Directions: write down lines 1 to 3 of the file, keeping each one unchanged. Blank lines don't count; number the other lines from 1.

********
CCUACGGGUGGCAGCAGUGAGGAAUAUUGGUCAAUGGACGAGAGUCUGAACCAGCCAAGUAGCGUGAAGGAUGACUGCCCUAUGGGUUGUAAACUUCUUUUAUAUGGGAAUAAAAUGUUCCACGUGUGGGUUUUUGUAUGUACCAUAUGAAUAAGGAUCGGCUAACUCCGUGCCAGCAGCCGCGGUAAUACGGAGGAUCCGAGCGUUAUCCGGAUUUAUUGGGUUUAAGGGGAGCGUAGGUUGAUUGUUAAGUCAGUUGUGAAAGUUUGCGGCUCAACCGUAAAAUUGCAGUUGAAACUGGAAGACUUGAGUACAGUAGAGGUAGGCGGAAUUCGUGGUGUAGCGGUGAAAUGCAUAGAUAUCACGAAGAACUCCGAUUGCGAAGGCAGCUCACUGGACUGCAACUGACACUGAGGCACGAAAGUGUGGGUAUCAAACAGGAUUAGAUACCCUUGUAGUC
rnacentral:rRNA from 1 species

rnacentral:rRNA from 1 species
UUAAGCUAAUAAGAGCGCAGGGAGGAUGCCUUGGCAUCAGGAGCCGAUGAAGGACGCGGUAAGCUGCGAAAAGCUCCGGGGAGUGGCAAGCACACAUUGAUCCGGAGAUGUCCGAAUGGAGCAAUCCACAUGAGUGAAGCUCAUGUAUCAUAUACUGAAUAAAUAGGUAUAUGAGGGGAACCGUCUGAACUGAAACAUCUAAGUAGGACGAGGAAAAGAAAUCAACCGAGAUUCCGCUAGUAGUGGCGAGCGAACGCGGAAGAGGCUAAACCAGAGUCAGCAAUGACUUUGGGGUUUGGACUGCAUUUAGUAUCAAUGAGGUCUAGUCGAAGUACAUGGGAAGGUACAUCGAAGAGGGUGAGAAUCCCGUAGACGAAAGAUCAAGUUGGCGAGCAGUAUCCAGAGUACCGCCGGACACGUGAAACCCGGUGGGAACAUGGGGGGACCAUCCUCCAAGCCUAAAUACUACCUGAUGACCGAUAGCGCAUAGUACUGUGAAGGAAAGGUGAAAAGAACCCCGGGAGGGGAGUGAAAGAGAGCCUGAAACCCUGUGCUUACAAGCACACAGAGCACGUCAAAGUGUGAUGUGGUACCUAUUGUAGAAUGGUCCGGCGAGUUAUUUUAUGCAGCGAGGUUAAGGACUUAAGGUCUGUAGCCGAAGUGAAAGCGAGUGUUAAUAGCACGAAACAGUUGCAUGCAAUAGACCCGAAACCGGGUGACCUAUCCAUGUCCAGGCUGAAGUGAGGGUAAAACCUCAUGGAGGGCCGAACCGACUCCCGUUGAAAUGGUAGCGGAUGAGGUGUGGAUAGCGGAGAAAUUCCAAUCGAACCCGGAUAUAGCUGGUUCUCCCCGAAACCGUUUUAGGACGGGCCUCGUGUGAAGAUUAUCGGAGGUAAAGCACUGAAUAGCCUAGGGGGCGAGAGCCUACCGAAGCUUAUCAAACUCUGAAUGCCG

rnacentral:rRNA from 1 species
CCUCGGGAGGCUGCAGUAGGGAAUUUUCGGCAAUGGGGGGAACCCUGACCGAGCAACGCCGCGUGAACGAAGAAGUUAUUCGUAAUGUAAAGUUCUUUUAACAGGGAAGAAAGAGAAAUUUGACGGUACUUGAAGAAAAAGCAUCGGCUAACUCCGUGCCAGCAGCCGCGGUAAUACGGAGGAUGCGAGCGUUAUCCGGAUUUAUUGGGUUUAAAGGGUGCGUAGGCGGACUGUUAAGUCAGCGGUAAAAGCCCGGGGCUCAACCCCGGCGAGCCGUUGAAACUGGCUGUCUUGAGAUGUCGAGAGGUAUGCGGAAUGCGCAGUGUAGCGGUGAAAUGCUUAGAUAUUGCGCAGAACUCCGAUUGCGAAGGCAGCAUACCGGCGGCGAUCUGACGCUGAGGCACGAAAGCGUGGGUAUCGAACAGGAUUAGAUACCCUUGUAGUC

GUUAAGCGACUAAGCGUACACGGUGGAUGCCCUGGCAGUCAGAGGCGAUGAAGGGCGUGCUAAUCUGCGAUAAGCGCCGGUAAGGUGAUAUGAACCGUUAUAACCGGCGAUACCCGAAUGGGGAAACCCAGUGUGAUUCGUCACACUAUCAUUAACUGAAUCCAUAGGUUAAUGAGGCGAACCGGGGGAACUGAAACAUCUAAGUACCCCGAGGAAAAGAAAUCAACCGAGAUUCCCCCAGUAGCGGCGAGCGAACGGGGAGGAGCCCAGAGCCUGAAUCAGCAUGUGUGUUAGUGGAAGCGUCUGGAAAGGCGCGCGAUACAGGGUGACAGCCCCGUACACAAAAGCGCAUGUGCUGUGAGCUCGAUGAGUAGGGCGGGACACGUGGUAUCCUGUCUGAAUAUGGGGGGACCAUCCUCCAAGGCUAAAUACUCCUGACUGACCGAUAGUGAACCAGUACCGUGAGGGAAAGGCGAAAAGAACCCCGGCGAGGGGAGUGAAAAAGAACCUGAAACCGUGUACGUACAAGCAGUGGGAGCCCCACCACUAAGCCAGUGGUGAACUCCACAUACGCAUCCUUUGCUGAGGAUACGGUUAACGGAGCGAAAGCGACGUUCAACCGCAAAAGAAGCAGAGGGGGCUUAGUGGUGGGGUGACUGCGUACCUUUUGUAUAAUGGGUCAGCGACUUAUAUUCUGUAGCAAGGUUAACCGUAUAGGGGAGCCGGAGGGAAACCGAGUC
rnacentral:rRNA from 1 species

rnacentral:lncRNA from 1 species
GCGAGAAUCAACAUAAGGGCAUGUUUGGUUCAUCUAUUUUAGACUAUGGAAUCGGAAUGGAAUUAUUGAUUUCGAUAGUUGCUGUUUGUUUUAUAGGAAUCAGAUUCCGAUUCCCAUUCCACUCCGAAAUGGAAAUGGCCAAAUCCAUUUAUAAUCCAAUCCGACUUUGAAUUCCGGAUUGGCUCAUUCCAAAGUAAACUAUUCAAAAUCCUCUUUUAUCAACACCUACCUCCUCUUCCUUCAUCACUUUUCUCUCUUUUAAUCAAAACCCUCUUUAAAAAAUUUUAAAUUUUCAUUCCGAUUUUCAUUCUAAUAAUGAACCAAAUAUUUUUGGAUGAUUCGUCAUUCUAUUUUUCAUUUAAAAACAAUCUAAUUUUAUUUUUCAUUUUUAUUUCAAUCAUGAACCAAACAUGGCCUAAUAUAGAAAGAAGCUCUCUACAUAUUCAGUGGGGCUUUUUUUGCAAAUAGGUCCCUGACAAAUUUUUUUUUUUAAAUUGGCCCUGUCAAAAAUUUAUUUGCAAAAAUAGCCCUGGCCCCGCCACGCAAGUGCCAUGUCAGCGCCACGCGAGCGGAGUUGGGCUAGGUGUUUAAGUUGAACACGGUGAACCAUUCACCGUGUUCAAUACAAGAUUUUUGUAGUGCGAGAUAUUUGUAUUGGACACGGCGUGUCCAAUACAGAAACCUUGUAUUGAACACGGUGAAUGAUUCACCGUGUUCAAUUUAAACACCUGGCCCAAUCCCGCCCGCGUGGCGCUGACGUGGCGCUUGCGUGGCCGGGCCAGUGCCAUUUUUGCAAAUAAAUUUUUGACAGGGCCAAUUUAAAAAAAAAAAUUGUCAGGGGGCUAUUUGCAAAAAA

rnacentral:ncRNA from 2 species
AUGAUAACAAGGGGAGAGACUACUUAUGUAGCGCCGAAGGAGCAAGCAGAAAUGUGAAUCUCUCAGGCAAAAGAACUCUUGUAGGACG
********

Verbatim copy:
CCUACGGGUGGCAGCAGUGAGGAAUAUUGGUCAAUGGACGAGAGUCUGAACCAGCCAAGUAGCGUGAAGGAUGACUGCCCUAUGGGUUGUAAACUUCUUUUAUAUGGGAAUAAAAUGUUCCACGUGUGGGUUUUUGUAUGUACCAUAUGAAUAAGGAUCGGCUAACUCCGUGCCAGCAGCCGCGGUAAUACGGAGGAUCCGAGCGUUAUCCGGAUUUAUUGGGUUUAAGGGGAGCGUAGGUUGAUUGUUAAGUCAGUUGUGAAAGUUUGCGGCUCAACCGUAAAAUUGCAGUUGAAACUGGAAGACUUGAGUACAGUAGAGGUAGGCGGAAUUCGUGGUGUAGCGGUGAAAUGCAUAGAUAUCACGAAGAACUCCGAUUGCGAAGGCAGCUCACUGGACUGCAACUGACACUGAGGCACGAAAGUGUGGGUAUCAAACAGGAUUAGAUACCCUUGUAGUC
rnacentral:rRNA from 1 species

rnacentral:rRNA from 1 species